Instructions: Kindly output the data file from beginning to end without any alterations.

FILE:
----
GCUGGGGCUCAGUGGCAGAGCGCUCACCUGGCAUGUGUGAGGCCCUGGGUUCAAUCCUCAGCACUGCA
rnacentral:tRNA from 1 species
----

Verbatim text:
GCUGGGGCUCAGUGGCAGAGCGCUCACCUGGCAUGUGUGAGGCCCUGGGUUCAAUCCUCAGCACUGCA
rnacentral:tRNA from 1 species